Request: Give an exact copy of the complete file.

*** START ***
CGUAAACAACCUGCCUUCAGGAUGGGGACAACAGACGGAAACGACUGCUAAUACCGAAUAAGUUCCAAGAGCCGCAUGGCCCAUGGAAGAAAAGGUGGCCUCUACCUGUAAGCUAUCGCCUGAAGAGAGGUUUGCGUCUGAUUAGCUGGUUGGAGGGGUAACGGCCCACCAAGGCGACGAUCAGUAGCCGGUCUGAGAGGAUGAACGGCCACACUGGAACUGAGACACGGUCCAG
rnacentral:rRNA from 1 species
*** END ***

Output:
CGUAAACAACCUGCCUUCAGGAUGGGGACAACAGACGGAAACGACUGCUAAUACCGAAUAAGUUCCAAGAGCCGCAUGGCCCAUGGAAGAAAAGGUGGCCUCUACCUGUAAGCUAUCGCCUGAAGAGAGGUUUGCGUCUGAUUAGCUGGUUGGAGGGGUAACGGCCCACCAAGGCGACGAUCAGUAGCCGGUCUGAGAGGAUGAACGGCCACACUGGAACUGAGACACGGUCCAG
rnacentral:rRNA from 1 species